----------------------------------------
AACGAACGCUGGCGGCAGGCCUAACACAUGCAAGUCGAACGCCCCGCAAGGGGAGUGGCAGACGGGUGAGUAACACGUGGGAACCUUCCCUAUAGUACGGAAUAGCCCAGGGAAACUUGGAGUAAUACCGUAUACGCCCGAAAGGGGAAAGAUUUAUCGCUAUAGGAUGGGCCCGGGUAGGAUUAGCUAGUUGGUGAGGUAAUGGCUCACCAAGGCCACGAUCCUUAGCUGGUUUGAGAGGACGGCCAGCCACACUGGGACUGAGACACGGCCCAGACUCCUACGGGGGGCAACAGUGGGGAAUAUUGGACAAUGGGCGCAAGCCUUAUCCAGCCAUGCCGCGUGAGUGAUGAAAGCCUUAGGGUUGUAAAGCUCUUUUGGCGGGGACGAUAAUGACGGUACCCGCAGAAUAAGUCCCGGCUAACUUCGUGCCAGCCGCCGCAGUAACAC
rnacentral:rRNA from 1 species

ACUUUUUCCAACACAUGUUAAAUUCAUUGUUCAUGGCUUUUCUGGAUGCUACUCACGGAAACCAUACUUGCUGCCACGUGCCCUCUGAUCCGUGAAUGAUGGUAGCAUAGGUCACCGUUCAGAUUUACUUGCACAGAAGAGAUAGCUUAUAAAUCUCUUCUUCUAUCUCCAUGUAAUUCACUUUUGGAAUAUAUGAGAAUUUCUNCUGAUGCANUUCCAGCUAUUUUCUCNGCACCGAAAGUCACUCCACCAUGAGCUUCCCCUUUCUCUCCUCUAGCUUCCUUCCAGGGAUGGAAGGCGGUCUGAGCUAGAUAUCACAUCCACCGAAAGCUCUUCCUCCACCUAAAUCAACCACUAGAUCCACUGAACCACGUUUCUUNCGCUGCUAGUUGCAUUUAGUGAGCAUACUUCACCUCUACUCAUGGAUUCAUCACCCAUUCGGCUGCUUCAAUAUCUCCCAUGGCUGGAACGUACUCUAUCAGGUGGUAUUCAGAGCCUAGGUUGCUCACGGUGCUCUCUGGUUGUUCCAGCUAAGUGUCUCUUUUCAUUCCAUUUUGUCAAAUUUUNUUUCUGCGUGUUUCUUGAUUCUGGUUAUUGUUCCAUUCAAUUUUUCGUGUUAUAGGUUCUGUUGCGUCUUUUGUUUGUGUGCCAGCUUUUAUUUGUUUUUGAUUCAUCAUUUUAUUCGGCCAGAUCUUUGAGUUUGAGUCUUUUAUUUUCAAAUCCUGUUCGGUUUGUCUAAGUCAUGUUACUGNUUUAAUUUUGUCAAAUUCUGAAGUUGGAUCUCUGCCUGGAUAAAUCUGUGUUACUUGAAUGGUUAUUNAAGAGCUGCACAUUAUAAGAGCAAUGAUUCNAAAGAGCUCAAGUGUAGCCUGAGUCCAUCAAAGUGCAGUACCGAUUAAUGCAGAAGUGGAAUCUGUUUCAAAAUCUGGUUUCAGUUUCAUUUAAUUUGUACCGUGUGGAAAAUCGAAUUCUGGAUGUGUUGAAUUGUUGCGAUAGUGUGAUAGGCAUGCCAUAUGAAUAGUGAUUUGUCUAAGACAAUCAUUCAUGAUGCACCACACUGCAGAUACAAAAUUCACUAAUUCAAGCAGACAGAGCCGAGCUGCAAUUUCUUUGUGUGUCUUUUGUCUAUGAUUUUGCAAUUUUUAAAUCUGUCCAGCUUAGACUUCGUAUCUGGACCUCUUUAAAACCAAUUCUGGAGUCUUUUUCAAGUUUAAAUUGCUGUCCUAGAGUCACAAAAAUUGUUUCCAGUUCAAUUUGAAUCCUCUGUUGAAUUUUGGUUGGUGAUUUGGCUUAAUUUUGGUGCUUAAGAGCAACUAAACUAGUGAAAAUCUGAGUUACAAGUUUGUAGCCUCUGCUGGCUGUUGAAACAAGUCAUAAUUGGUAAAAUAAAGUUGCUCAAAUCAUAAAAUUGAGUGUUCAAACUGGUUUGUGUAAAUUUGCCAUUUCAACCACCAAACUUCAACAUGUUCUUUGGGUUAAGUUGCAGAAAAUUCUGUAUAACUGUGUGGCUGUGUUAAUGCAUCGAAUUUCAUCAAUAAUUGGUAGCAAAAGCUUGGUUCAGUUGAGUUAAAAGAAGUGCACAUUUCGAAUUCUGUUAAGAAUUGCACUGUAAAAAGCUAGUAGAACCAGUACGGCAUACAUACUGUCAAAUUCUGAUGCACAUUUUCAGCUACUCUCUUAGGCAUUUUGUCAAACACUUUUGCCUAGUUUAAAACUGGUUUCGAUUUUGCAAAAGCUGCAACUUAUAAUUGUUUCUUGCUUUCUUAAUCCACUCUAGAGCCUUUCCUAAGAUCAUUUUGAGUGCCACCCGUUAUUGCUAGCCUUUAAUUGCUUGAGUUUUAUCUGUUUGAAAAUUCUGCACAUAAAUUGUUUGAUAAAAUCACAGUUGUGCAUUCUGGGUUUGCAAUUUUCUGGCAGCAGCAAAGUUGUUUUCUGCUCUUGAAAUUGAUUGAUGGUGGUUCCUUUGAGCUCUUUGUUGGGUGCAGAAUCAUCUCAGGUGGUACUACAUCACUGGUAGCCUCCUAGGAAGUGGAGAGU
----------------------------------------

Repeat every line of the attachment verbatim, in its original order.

AACGAACGCUGGCGGCAGGCCUAACACAUGCAAGUCGAACGCCCCGCAAGGGGAGUGGCAGACGGGUGAGUAACACGUGGGAACCUUCCCUAUAGUACGGAAUAGCCCAGGGAAACUUGGAGUAAUACCGUAUACGCCCGAAAGGGGAAAGAUUUAUCGCUAUAGGAUGGGCCCGGGUAGGAUUAGCUAGUUGGUGAGGUAAUGGCUCACCAAGGCCACGAUCCUUAGCUGGUUUGAGAGGACGGCCAGCCACACUGGGACUGAGACACGGCCCAGACUCCUACGGGGGGCAACAGUGGGGAAUAUUGGACAAUGGGCGCAAGCCUUAUCCAGCCAUGCCGCGUGAGUGAUGAAAGCCUUAGGGUUGUAAAGCUCUUUUGGCGGGGACGAUAAUGACGGUACCCGCAGAAUAAGUCCCGGCUAACUUCGUGCCAGCCGCCGCAGUAACAC
rnacentral:rRNA from 1 species

ACUUUUUCCAACACAUGUUAAAUUCAUUGUUCAUGGCUUUUCUGGAUGCUACUCACGGAAACCAUACUUGCUGCCACGUGCCCUCUGAUCCGUGAAUGAUGGUAGCAUAGGUCACCGUUCAGAUUUACUUGCACAGAAGAGAUAGCUUAUAAAUCUCUUCUUCUAUCUCCAUGUAAUUCACUUUUGGAAUAUAUGAGAAUUUCUNCUGAUGCANUUCCAGCUAUUUUCUCNGCACCGAAAGUCACUCCACCAUGAGCUUCCCCUUUCUCUCCUCUAGCUUCCUUCCAGGGAUGGAAGGCGGUCUGAGCUAGAUAUCACAUCCACCGAAAGCUCUUCCUCCACCUAAAUCAACCACUAGAUCCACUGAACCACGUUUCUUNCGCUGCUAGUUGCAUUUAGUGAGCAUACUUCACCUCUACUCAUGGAUUCAUCACCCAUUCGGCUGCUUCAAUAUCUCCCAUGGCUGGAACGUACUCUAUCAGGUGGUAUUCAGAGCCUAGGUUGCUCACGGUGCUCUCUGGUUGUUCCAGCUAAGUGUCUCUUUUCAUUCCAUUUUGUCAAAUUUUNUUUCUGCGUGUUUCUUGAUUCUGGUUAUUGUUCCAUUCAAUUUUUCGUGUUAUAGGUUCUGUUGCGUCUUUUGUUUGUGUGCCAGCUUUUAUUUGUUUUUGAUUCAUCAUUUUAUUCGGCCAGAUCUUUGAGUUUGAGUCUUUUAUUUUCAAAUCCUGUUCGGUUUGUCUAAGUCAUGUUACUGNUUUAAUUUUGUCAAAUUCUGAAGUUGGAUCUCUGCCUGGAUAAAUCUGUGUUACUUGAAUGGUUAUUNAAGAGCUGCACAUUAUAAGAGCAAUGAUUCNAAAGAGCUCAAGUGUAGCCUGAGUCCAUCAAAGUGCAGUACCGAUUAAUGCAGAAGUGGAAUCUGUUUCAAAAUCUGGUUUCAGUUUCAUUUAAUUUGUACCGUGUGGAAAAUCGAAUUCUGGAUGUGUUGAAUUGUUGCGAUAGUGUGAUAGGCAUGCCAUAUGAAUAGUGAUUUGUCUAAGACAAUCAUUCAUGAUGCACCACACUGCAGAUACAAAAUUCACUAAUUCAAGCAGACAGAGCCGAGCUGCAAUUUCUUUGUGUGUCUUUUGUCUAUGAUUUUGCAAUUUUUAAAUCUGUCCAGCUUAGACUUCGUAUCUGGACCUCUUUAAAACCAAUUCUGGAGUCUUUUUCAAGUUUAAAUUGCUGUCCUAGAGUCACAAAAAUUGUUUCCAGUUCAAUUUGAAUCCUCUGUUGAAUUUUGGUUGGUGAUUUGGCUUAAUUUUGGUGCUUAAGAGCAACUAAACUAGUGAAAAUCUGAGUUACAAGUUUGUAGCCUCUGCUGGCUGUUGAAACAAGUCAUAAUUGGUAAAAUAAAGUUGCUCAAAUCAUAAAAUUGAGUGUUCAAACUGGUUUGUGUAAAUUUGCCAUUUCAACCACCAAACUUCAACAUGUUCUUUGGGUUAAGUUGCAGAAAAUUCUGUAUAACUGUGUGGCUGUGUUAAUGCAUCGAAUUUCAUCAAUAAUUGGUAGCAAAAGCUUGGUUCAGUUGAGUUAAAAGAAGUGCACAUUUCGAAUUCUGUUAAGAAUUGCACUGUAAAAAGCUAGUAGAACCAGUACGGCAUACAUACUGUCAAAUUCUGAUGCACAUUUUCAGCUACUCUCUUAGGCAUUUUGUCAAACACUUUUGCCUAGUUUAAAACUGGUUUCGAUUUUGCAAAAGCUGCAACUUAUAAUUGUUUCUUGCUUUCUUAAUCCACUCUAGAGCCUUUCCUAAGAUCAUUUUGAGUGCCACCCGUUAUUGCUAGCCUUUAAUUGCUUGAGUUUUAUCUGUUUGAAAAUUCUGCACAUAAAUUGUUUGAUAAAAUCACAGUUGUGCAUUCUGGGUUUGCAAUUUUCUGGCAGCAGCAAAGUUGUUUUCUGCUCUUGAAAUUGAUUGAUGGUGGUUCCUUUGAGCUCUUUGUUGGGUGCAGAAUCAUCUCAGGUGGUACUACAUCACUGGUAGCCUCCUAGGAAGUGGAGAGU